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  HOME | Caribbean

U.S. Provides Puerto Rico with New Procedure to Detect Zika

SAN JUAN – The U.S. Food and Drug Administration has made available to Puerto Rico an experimental procedure to detect the presence of the Zika virus in donated blood.

Juan Hernandez Mayoral, director of the Federal Affairs Administration in Puerto Rico, said in a statement that the FDA’s assistance will allow the island’s blood banks to resume operations.

Thanks to the new procedure, Puerto Rico will be able “to guarantee the availability of the resources needed to provide medical services,” Hernandez Mayoral said.

A memorandum released by the FDA on Feb. 16 led to the suspension of blood donations in Puerto Rico to minimize the risks of transmitting the Zika virus.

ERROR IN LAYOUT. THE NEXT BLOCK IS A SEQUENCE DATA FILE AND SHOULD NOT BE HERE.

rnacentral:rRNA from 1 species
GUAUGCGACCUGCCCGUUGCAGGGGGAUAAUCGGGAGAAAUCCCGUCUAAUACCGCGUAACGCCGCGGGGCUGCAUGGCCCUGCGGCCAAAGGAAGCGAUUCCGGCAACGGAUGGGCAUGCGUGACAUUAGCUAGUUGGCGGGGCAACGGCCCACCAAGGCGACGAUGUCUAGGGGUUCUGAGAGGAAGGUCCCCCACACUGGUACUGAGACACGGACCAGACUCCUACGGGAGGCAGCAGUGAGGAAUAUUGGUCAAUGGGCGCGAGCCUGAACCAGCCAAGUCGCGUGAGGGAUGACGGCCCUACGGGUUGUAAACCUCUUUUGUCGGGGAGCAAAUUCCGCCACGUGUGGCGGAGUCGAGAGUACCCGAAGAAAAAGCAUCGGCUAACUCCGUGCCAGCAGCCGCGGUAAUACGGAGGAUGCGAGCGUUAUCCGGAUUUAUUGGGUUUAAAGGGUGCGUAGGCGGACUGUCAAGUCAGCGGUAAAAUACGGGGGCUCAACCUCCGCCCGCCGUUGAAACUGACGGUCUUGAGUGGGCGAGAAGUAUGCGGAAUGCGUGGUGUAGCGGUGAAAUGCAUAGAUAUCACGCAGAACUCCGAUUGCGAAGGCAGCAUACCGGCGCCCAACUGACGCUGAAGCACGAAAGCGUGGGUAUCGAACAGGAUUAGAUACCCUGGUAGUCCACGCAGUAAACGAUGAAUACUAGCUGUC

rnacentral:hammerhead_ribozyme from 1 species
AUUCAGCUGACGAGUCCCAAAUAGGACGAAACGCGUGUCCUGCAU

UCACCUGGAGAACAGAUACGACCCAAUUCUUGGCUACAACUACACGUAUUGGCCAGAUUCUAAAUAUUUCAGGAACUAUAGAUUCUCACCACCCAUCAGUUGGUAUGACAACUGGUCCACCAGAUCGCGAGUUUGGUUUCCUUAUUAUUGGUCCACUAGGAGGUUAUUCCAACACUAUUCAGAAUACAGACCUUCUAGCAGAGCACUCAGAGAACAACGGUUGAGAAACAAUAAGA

The U.S. commonwealth’s cash-strapped government was forced to spend thousands of dollars on blood supplies before reaching an agreement with the federal Department of Health and Human Services to make up the shortfall.

Puerto Rican has confirmed 157 cases of infection with Zika, including 16 pregnant women. The virus is suspected of causing birth defects.

 

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